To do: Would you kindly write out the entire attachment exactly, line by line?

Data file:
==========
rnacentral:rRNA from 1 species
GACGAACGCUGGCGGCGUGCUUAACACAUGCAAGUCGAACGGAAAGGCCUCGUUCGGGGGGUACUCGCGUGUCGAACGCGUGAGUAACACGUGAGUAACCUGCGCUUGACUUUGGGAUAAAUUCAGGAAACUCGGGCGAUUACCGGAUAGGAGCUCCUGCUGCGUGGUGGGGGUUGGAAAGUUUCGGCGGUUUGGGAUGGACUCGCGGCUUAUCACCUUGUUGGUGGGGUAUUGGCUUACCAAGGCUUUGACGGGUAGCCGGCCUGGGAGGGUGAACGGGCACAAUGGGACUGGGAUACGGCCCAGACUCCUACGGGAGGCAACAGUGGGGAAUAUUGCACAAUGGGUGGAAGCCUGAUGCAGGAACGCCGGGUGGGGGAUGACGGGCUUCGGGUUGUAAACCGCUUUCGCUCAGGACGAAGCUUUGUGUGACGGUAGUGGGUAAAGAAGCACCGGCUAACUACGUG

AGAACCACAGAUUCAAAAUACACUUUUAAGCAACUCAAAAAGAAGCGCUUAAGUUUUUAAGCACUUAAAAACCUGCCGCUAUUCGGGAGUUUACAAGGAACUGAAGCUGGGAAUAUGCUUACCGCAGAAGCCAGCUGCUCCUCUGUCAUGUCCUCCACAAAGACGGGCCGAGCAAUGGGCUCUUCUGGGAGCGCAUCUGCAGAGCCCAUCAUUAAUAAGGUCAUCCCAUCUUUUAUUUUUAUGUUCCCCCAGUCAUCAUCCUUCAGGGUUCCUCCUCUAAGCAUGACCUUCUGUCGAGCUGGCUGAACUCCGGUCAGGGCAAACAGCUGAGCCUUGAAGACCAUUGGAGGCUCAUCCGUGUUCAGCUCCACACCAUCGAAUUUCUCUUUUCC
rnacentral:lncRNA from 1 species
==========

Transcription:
rnacentral:rRNA from 1 species
GACGAACGCUGGCGGCGUGCUUAACACAUGCAAGUCGAACGGAAAGGCCUCGUUCGGGGGGUACUCGCGUGUCGAACGCGUGAGUAACACGUGAGUAACCUGCGCUUGACUUUGGGAUAAAUUCAGGAAACUCGGGCGAUUACCGGAUAGGAGCUCCUGCUGCGUGGUGGGGGUUGGAAAGUUUCGGCGGUUUGGGAUGGACUCGCGGCUUAUCACCUUGUUGGUGGGGUAUUGGCUUACCAAGGCUUUGACGGGUAGCCGGCCUGGGAGGGUGAACGGGCACAAUGGGACUGGGAUACGGCCCAGACUCCUACGGGAGGCAACAGUGGGGAAUAUUGCACAAUGGGUGGAAGCCUGAUGCAGGAACGCCGGGUGGGGGAUGACGGGCUUCGGGUUGUAAACCGCUUUCGCUCAGGACGAAGCUUUGUGUGACGGUAGUGGGUAAAGAAGCACCGGCUAACUACGUG

AGAACCACAGAUUCAAAAUACACUUUUAAGCAACUCAAAAAGAAGCGCUUAAGUUUUUAAGCACUUAAAAACCUGCCGCUAUUCGGGAGUUUACAAGGAACUGAAGCUGGGAAUAUGCUUACCGCAGAAGCCAGCUGCUCCUCUGUCAUGUCCUCCACAAAGACGGGCCGAGCAAUGGGCUCUUCUGGGAGCGCAUCUGCAGAGCCCAUCAUUAAUAAGGUCAUCCCAUCUUUUAUUUUUAUGUUCCCCCAGUCAUCAUCCUUCAGGGUUCCUCCUCUAAGCAUGACCUUCUGUCGAGCUGGCUGAACUCCGGUCAGGGCAAACAGCUGAGCCUUGAAGACCAUUGGAGGCUCAUCCGUGUUCAGCUCCACACCAUCGAAUUUCUCUUUUCC
rnacentral:lncRNA from 1 species